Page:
The Department of Justice Public Corruption Unit executed a search warrant this weekend at Hitman Firearms, 404 Middlesex Road, Tyngsboro, according to Police Chief Richard Howe, who said his department was not involved and was only notified as a courtesy. The shop is owned by Tyngsboro Officer Daniel Whitman, who has been on paid leave for over a year. SUN/Robert Mills
The Department of Justice Public Corruption Unit executed a search warrant this weekend at Hitman Firearms, 404 Middlesex Road, Tyngsboro, according to Police Chief Richard Howe, who said his department was not involved and was only notified as a courtesy. The shop is owned by Tyngsboro Officer Daniel Whitman, who has been on paid leave for over a year. SUN/Robert Mills
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BOSTON – Federal agents on Wednesday arrested a Tyngsboro police officer and a Chinese national and charged them with firearms violations.

Daniel Whitman, 36, of Pelham, N.H., and Bin Lu, 49, a Chinese national from Westford, were charged by criminal complaint with conspiracy to violate provisions of the National Firearms Act (NFA) by making, possessing and failing to register short-barreled rifles, as well as possessing a suppressor without proper registration. The defendants will make initial appearances today in federal court in Boston.

Whitman was placed on paid administrative leave in August 2019 by Police Chief Richard Howe. Howe declined comment Wednesday morning.

According to the charging documents, Whitman is currently a full-time police officer with the police department and the owner and principal manager of Hitman Firearms, LLC, a retail gun shop on Middlesex Road. Whitman maintains a Type 01 Federal Firearms License (FFL) which allows for buying, selling, transferring and gunsmithing (i.e. servicing, of firearms), but does not permit manufacturing of any type of firearms. Lu is listed on the FFL as a manager of Hitman Firearms and is also an investor in the store.

It is alleged that Lu and Whitman sought to build a large indoor shooting range, Freedom Alley Shooting Sports (FASS), which would serve regional and international customers, and offer shooting clinics and other services using funding from Chinese investors. On several occasions, Lu and Whitman did run firearms training camps, consisting of shooting and tactics trainings, for Chinese tourists. Providing such trainings to foreign nationals requires a license from the U.S. Department of State, which Whitman and Lu never applied for nor received.

Whitman and others allegedly recorded videos on a YouTube channel operated by Lu that promotes Hitman Firearms, FASS and the training camps.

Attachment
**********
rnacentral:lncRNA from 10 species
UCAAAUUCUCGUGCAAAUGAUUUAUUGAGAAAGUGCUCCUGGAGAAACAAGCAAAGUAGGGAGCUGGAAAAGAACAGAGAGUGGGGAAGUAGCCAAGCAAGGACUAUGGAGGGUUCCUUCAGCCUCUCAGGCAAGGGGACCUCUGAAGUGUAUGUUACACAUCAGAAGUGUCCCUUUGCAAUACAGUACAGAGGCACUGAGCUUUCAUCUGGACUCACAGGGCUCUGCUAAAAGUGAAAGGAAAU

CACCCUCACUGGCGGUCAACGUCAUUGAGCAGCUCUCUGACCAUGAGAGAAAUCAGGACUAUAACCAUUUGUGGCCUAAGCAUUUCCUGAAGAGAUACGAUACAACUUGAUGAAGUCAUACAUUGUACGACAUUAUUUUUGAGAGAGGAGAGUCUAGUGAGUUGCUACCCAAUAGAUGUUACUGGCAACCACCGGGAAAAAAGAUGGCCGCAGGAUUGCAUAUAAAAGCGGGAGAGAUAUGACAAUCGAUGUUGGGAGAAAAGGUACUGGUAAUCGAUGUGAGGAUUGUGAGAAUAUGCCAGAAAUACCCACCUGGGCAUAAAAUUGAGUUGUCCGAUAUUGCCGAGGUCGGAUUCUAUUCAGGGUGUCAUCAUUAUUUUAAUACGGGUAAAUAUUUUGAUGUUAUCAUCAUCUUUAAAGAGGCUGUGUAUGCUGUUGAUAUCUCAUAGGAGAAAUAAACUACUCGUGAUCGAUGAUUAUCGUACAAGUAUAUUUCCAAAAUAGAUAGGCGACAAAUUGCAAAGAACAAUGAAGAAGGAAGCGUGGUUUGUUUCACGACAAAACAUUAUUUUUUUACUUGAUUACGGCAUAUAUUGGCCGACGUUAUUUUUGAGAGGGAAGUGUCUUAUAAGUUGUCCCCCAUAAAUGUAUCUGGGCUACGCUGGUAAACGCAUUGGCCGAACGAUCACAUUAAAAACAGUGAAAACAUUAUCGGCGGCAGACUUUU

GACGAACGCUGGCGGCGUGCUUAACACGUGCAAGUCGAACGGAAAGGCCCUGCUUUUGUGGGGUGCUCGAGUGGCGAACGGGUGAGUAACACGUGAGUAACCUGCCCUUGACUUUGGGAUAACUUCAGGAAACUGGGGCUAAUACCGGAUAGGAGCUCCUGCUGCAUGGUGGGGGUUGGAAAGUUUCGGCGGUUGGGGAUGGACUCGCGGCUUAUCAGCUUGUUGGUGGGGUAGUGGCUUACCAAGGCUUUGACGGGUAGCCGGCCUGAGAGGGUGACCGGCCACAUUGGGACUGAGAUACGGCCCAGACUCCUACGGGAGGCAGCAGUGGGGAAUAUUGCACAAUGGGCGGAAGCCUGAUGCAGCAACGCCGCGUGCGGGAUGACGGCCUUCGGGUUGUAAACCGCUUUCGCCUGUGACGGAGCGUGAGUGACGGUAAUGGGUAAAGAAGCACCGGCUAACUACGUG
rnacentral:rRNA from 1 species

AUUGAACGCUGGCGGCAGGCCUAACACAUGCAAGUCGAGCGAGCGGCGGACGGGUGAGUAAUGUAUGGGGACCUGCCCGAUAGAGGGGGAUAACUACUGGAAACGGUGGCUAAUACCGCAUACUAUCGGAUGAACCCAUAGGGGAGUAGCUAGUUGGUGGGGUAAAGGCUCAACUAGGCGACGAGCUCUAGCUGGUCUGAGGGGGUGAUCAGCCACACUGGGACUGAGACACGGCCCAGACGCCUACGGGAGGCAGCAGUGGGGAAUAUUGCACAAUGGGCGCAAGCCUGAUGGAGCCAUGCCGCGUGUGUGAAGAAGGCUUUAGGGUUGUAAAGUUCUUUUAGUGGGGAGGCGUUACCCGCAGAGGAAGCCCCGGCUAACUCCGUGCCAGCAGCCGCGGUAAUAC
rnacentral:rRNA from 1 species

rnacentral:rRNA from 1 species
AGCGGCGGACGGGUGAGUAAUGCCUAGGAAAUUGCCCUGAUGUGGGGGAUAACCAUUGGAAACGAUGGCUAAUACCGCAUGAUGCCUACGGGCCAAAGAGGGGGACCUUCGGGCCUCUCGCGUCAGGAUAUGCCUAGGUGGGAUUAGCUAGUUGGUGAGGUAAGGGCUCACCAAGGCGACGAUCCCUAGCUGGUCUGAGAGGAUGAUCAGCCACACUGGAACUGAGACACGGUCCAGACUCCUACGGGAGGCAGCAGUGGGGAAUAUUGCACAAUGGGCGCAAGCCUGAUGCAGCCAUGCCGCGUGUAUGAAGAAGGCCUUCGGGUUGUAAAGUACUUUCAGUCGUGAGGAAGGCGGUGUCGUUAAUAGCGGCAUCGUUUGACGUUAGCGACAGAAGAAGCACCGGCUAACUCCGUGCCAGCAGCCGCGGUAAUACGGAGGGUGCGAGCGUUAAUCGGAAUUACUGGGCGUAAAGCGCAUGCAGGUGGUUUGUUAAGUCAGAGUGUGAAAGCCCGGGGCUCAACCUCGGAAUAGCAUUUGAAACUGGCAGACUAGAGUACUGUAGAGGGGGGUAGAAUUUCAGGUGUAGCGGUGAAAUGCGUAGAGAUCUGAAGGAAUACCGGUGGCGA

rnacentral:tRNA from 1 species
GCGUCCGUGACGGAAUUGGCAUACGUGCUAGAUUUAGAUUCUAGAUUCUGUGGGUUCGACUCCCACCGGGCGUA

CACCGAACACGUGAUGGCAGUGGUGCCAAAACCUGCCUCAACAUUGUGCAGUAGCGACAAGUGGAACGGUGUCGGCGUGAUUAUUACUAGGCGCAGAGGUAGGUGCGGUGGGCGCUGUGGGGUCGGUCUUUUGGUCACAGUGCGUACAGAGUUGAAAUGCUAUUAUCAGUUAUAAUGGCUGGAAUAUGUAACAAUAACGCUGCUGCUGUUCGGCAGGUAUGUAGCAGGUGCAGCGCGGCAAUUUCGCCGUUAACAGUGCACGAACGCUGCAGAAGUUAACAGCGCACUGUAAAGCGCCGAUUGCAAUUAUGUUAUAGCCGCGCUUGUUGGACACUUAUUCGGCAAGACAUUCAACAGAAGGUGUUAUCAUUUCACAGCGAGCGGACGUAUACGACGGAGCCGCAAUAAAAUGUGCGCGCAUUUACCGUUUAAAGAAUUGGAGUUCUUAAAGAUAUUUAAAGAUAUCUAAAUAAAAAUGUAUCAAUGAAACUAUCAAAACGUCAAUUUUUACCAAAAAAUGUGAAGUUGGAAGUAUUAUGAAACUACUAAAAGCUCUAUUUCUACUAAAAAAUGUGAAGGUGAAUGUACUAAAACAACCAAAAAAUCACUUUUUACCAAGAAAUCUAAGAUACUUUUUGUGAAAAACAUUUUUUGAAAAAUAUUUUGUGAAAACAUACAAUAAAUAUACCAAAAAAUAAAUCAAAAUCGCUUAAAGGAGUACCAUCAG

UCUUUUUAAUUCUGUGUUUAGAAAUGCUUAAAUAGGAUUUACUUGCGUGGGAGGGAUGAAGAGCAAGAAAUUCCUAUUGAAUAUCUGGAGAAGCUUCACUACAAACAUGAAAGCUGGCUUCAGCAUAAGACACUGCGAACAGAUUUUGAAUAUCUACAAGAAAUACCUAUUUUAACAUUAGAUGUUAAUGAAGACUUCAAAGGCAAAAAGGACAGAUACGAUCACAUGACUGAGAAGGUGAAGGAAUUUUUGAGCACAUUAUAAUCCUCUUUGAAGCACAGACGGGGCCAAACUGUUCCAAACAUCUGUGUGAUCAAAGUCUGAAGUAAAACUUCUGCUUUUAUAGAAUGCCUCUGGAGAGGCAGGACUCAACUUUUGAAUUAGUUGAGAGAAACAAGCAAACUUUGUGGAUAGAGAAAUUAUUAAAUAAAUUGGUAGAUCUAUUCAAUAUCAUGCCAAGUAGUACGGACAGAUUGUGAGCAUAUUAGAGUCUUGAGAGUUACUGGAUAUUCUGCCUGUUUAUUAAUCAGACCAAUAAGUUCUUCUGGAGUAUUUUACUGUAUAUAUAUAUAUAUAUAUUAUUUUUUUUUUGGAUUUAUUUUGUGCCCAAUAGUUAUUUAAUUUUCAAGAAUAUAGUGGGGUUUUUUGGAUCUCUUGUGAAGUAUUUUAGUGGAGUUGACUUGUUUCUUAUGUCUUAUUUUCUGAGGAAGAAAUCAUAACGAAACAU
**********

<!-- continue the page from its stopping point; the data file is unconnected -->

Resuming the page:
The purpose of the NFA is to regulate transactions of certain firearms, which are deemed to be more dangerous, by regulating the manufacture, possession and registration of certain firearms including short-barreled rifles (SBRs), suppressors, short-barreled shotguns and machineguns. The NFA requires registration of all NFA firearms in the National Firearms Registration and Transfer Record (NFRTR). The NFA further prohibits an FFL who is not properly registered from manufacturing or changing a firearm that originally was not an NFA weapon to create an NFA weapon.

According to the criminal complaint, Hitman Firearms does not possess the required license to manufacture, or NFA status to possess, firearms regulated by the NFA. Nevertheless, Whitman and Lu allegedly possessed and manufactured items that are covered by the NFA, including a short-barreled rifle and suppressor.

Specifically, during a search of Hitman Firearms, a complete CMMG MK9 rifle was found in the store. The shop’s acquisition and disposition record (a/k/a A&D book) indicated that the rifle was acquired from another store in March 2016 as a lower receiver only. The investigation determined that the seized firearm is an SBR since it has an 8.625 riffle barrel and a collapsible stock. It is alleged that neither Whiteman nor Lu registered the firearm as an SBR in the NFRTR.

During the search, Lu arrived at the shop and gave federal agents permission to search the vehicle he was driving. The vehicle contained several firearms including a Sig Sauer MCX with a folding stock attached. The shop’s A&D book indicated that the firearm was acquired from another store as a pistol. However, at the time it was recovered from Lu’s vehicle, the firearm had a stock attached to the rear, which made the weapon into a rifle. The firearm was never registered as an SBR in the NFRTR. According to the charging document, at the time of the search, Lu stated that “Dan” put the stock on the end, thus making the pistol into a rifle.

The charge of conspiracy provides for a sentence of up to five years in prison, three years of supervised release and a fine of $250,000 fine. Sentences are imposed by a federal district court judge based upon the U.S. Sentencing Guidelines and other statutory factors.

United States Attorney Andrew E. Lelling; William S. Walker, Acting Special Agent in Charge of Homeland Security Investigations in Boston; Jonathan Davidson, Special Agent in Charge of Diplomatic Security Service in Boston; and Joseph Cronin, Inspector in Charge of the U.S. Postal Inspection Service in Boston made the announcement today. Assistance was provided by the Massachusetts State Police. Assistant U.S. Attorney Eugenia M. Carris and Neil Gallagher of Lelling’s Public Corruption & Special Prosecutions Unit are prosecuting the case.

The details contained in the complaint are allegations. The defendants are presumed innocent unless and until proven guilty beyond a reasonable doubt in a court of law.

This is a developing story.